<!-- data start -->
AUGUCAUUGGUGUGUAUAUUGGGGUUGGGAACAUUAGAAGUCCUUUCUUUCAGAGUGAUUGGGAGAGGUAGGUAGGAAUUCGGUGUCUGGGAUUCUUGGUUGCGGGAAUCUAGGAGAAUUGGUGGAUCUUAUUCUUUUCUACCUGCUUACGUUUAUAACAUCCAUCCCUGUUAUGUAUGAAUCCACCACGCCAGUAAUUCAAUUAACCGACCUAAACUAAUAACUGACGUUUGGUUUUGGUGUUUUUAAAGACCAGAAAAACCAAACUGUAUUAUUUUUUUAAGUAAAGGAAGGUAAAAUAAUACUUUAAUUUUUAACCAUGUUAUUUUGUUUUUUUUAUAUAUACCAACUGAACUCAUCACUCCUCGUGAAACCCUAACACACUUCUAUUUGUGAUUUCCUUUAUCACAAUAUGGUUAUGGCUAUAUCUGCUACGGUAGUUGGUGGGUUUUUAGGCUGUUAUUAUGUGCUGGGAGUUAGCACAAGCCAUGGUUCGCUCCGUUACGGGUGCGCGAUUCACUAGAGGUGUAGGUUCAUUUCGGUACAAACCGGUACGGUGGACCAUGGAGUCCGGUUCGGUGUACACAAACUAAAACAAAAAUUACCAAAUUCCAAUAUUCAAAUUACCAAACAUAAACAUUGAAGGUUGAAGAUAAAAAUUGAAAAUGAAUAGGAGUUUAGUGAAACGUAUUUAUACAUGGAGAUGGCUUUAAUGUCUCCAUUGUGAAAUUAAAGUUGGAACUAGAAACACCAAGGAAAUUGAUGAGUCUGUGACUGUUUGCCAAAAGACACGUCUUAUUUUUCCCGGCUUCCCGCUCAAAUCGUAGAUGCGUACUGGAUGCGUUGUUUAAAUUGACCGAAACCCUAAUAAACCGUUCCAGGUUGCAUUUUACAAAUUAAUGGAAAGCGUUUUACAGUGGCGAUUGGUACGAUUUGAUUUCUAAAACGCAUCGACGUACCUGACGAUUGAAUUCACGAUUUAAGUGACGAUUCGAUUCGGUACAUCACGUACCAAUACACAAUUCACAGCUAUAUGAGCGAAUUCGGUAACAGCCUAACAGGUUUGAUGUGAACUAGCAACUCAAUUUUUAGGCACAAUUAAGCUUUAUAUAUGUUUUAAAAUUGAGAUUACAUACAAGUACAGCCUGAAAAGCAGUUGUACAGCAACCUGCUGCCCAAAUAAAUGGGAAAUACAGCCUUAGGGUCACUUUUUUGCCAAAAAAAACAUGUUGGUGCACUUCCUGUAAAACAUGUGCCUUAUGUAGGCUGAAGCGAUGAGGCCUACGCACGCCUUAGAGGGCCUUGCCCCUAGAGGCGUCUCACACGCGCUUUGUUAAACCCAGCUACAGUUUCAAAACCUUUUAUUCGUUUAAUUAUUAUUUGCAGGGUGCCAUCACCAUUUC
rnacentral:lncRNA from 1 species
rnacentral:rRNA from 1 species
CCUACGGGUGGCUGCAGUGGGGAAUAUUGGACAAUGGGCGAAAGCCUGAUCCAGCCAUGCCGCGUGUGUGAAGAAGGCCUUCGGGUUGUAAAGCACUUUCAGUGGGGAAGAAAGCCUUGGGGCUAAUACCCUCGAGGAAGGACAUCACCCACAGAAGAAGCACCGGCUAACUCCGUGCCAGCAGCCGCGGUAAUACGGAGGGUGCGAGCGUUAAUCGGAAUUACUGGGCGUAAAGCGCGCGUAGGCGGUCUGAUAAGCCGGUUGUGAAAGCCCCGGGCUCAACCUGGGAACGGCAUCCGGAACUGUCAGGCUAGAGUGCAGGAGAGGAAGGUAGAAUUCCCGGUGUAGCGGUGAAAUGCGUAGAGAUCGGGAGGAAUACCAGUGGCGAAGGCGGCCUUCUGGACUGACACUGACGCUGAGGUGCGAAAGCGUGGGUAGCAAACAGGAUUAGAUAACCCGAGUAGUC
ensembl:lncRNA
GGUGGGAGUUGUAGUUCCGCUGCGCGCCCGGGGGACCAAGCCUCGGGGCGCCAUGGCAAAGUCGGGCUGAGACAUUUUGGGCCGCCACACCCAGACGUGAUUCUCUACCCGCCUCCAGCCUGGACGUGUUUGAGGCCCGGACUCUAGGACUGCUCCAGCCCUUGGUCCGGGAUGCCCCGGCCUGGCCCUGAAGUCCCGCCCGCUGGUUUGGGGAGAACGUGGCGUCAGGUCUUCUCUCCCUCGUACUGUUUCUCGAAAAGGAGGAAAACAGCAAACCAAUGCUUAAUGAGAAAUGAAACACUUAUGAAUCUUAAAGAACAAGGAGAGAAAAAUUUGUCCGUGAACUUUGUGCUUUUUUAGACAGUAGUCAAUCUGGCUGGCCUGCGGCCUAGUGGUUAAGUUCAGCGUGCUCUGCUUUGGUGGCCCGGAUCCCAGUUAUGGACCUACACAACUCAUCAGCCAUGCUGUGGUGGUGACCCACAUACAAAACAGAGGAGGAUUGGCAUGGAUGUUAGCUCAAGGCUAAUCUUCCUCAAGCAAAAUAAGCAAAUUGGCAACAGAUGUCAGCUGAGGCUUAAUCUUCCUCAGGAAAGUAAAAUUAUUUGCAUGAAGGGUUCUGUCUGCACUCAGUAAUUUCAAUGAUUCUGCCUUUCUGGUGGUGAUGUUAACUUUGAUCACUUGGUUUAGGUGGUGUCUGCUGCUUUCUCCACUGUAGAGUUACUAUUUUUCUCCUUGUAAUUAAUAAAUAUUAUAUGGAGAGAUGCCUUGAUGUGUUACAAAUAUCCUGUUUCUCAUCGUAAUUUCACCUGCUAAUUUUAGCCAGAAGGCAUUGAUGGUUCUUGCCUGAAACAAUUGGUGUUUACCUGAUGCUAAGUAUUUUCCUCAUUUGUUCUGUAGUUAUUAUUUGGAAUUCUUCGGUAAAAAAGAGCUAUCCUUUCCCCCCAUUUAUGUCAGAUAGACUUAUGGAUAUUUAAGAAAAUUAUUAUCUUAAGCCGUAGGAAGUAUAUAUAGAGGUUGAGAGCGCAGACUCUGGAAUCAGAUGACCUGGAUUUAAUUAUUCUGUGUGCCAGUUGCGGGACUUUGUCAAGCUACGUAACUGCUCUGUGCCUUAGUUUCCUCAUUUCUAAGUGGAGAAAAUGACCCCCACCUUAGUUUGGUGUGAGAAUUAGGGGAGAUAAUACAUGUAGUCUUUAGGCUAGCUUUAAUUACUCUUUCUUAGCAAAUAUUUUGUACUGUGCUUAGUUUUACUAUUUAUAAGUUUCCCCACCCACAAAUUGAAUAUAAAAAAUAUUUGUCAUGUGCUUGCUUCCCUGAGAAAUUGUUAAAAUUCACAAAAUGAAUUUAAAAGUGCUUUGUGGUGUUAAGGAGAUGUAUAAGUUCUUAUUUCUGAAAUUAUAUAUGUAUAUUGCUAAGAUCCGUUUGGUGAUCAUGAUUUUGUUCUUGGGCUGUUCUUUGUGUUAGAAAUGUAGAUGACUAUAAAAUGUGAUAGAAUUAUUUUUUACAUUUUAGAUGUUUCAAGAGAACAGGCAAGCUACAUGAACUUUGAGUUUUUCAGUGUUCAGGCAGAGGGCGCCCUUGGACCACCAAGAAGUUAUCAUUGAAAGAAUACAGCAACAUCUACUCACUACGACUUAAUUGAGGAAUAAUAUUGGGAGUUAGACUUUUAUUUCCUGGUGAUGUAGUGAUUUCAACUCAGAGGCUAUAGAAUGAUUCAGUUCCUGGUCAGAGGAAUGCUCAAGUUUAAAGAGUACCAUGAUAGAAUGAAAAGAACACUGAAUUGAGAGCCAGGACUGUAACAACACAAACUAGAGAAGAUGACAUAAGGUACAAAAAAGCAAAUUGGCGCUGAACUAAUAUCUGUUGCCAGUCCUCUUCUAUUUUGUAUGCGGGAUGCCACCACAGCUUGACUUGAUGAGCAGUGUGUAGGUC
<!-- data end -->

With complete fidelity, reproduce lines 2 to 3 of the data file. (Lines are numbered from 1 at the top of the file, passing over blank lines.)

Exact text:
rnacentral:lncRNA from 1 species
rnacentral:rRNA from 1 species